Enjoying the unique tones of masters of their crafts
The phone rings. You answer without looking at your caller ID. You know who it is within the first word spoken. Or, you call a friend. Someone else answers their phone. You’re immediately confused, knowing that something sounds different. Sometimes, the recognition comes from the things that are said, their verbal licks, if you will. Most of the time, it’s simply the sound of the familiar voice. There have been a handful of guitarists across the musical spectrum possessing a similar unmistakable identity in their playing: Jimi Hendrix, Carlos Santana, Pat Metheny, Wes Montgomery on the electric side; Joao Gilberto, Bruce Cockburn, Patty Larkin on the acoustic side; all come to mind as having a distinct voice with their instrument.
Finding your own natural sound with your instrument and gear is a personal challenge, and it relies on personal taste and style. It can be guided by the mechanics of your own playing, such as pick style versus finger style, hammer- ons and pull-offs versus cleanly picked notes, lots of big, full chords versus a more succinct comping preference, bass lines versus Freddie Green style quarter note rhythms, and so on. Wes Montgomery influenced generations of guitarists with his use of octaves in his lines, his inventive, almost giddy improvisational ideas, and of course, that big, warm tone. His signature sound was full and well rounded, which he achieved with his famous right-hand thumb, rather than a pick. He created a smooth sound, the opposite of edgy.
Before you dial in that low-end-only tone, however, listen again to Wes’ recordings. Sure enough, you’ll hear plenty of high-end in there to balance out all of that warmth—just a touch sometimes, but enough to keep it clean. Enough to create a leading edge, of sorts, preventing an avalanche of mud from burying all of those great lines and big, rich chords. It’s a little like discovering that the snow is in fact a little blue, at least as seen by an artist. It is the hidden cinnamon in the spaghetti sauce that makes the overall effect just right.
I’ve shared a laugh with many colleagues over the phenomenon of buying a new guitar or a new amp and then tweaking it and tweaking it until we can finally get it to sound like the ones we’ve had for years. As jazz guitarist Howard Alden recently told me, “After a while, I think that if a player has a particular tone he hears in his head and is striving for, he’ll instinctively and subconsciously get it out of whatever instrument he’s playing, mainly with his hands and touch. It’s not even so much a matter of adjusting knobs.”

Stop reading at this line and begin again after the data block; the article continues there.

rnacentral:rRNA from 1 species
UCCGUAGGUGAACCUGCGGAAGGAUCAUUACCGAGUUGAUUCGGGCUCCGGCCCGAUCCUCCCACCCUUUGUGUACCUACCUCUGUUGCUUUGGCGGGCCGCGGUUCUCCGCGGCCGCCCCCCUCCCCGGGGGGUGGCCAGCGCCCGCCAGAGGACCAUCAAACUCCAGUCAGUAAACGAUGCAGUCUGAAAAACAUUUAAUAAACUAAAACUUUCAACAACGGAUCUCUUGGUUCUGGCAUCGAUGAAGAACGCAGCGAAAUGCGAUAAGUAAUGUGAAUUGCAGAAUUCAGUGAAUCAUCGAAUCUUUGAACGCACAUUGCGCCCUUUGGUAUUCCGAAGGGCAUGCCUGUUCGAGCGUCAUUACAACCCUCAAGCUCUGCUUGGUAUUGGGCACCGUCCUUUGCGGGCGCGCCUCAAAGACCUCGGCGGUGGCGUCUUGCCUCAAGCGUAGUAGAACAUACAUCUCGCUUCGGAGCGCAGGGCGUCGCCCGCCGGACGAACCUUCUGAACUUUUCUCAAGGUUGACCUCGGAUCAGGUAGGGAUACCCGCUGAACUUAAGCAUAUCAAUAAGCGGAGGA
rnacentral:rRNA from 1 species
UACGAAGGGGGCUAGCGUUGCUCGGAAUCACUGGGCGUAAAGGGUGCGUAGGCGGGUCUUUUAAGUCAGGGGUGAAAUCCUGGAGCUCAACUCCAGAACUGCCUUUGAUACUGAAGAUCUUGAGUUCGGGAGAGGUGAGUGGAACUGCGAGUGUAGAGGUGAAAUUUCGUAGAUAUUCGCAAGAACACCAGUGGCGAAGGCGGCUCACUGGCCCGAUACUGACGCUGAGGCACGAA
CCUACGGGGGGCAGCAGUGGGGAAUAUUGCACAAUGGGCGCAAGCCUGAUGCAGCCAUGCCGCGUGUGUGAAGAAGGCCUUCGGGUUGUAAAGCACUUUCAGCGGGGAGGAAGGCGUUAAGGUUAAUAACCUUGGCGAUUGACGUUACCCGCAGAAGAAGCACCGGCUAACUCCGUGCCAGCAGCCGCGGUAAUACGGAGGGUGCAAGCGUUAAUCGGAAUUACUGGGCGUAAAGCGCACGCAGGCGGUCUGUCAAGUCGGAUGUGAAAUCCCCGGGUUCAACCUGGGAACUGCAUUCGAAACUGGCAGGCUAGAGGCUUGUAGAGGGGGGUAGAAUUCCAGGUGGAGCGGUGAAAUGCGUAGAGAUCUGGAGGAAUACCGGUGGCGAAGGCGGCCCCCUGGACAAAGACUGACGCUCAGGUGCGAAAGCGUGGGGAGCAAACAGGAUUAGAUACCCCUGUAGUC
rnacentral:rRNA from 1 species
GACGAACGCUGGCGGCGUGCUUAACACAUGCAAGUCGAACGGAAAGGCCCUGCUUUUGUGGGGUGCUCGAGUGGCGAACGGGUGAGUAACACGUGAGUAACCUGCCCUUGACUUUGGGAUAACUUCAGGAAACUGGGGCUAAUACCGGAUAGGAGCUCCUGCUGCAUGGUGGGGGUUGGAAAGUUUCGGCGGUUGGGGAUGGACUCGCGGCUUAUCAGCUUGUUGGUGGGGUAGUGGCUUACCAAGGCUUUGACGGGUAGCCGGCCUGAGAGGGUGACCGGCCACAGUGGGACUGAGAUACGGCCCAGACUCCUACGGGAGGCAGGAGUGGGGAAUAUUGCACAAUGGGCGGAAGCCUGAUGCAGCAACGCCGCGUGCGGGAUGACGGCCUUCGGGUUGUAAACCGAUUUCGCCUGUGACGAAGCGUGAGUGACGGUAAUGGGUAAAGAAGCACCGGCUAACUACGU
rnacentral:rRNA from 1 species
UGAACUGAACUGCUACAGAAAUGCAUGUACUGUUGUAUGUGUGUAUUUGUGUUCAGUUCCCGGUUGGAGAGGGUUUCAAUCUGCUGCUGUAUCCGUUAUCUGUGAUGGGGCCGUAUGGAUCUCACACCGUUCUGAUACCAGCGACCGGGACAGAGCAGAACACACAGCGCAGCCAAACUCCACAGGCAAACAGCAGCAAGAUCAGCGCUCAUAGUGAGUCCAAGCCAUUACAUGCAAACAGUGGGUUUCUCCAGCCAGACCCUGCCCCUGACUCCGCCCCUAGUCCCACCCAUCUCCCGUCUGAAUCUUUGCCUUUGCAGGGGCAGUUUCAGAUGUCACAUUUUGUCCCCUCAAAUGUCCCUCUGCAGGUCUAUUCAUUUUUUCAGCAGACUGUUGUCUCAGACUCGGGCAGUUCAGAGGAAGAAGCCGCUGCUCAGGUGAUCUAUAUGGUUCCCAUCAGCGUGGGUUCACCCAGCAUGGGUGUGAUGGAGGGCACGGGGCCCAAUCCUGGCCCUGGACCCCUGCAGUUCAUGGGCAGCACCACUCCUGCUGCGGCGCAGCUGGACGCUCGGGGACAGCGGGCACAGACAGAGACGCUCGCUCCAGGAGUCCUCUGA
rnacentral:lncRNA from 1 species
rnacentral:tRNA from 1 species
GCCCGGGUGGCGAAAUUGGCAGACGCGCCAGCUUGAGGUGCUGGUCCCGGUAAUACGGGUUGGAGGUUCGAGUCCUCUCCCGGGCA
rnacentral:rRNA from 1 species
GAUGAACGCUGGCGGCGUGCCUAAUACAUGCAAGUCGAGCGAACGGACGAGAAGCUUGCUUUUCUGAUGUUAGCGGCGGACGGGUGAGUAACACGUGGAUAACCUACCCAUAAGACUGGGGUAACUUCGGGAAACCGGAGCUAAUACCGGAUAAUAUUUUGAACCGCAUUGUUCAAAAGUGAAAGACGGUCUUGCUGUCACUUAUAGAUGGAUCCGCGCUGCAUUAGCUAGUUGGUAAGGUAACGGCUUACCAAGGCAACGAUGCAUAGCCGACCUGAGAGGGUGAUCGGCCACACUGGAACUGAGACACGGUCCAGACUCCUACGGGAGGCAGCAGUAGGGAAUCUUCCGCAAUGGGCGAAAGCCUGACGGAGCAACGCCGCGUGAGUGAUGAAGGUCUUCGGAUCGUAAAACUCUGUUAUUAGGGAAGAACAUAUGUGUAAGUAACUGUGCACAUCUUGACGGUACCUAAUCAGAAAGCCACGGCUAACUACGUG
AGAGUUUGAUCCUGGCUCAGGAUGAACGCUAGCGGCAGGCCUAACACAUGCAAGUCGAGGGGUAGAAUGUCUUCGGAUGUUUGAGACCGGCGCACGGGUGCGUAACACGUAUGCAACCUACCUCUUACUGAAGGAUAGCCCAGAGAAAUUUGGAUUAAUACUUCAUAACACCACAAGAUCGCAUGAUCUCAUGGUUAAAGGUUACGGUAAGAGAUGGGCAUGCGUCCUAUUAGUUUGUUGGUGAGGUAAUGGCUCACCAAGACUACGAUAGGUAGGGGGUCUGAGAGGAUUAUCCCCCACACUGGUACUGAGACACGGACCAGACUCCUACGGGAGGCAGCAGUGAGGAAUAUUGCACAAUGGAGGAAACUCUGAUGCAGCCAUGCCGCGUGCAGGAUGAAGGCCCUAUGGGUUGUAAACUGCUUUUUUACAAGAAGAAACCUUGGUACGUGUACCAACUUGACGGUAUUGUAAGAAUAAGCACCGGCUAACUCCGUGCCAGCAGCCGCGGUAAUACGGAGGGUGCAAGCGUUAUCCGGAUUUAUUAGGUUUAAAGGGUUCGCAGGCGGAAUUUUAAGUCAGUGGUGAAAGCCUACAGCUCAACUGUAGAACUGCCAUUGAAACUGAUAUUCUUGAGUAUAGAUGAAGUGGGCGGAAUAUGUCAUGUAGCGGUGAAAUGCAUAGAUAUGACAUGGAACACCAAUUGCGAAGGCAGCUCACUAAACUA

Ensemble playing requires extra thought when it comes to our tone, often apart from what we have chosen to be our solo voice. In a basic guitar- piano-bass-drums jazz quartet context, for example, we all need to occupy our own sonic home so that each musical idea can be heard as a discernable separate voice. Says Alden, “Contrasting sounds are more pleasing for duo or ensemble playing. If everybody sounded the same it would get very dull, and there’d be no balance or sense of conversation.”
I took in a recent duo performance by Alden and Berklee College of Music Guitar Department Chair Larry Baione on the occasion of their new CD, Azure. I got to the College’s David Friend Recital Hall during the first tune, so I had the chance to hear Larry and Howard playing through the entrance door from the back stage area. The sound was quiet and real, like two friends playing at home together. I felt like I had been let in on a secret conversation as I waited for the tune to end before finding my way to a seat. Once inside the room, I stood in the back of the full house and happily discovered as they continued through their set that the sound was just as I had heard it sneaking through the entryway. Howard played his custom Benedetto 7-string La Venezia archtop; Larry played his Collings AT-16 archtop. Not a pickup to be found on either guitar. Two mics stood before each of the f-hole instruments, gently and honestly reinforcing what was happening on stage. It was acoustic and lively, complete with dynamic rising and falling, funny—and serious—expressive playing and two very distinct voices. In the back of the room I heard Larry’s Collings on the high-end of things, carrying every note and every pick-strummed chord all the way to the wall behind me with impeccable clarity and brightness, without venturing into harsh territory. I heard Howard’s Benedetto providing extra warmth and fullness in the bass lines, the rounded-out melodies and fast, improvised lines without falling into the mud. Each remained true to his own sound, but each of their sounds had just a touch of the other’s.
That is how their music reached me in the back of the room.
Jane Miller is a guitarist, composer, and arranger with roots in both jazz and folk. In addition to leading her own jazz instrumental quartet, she is in a working chamber jazz trio with saxophonist Cercie Miller and bassist David Clark. The Jane Miller Group has released three CDs on Jane’s label, Pink Bubble Records. Jane joined the Guitar Department faculty at Berklee College of Music in 1994.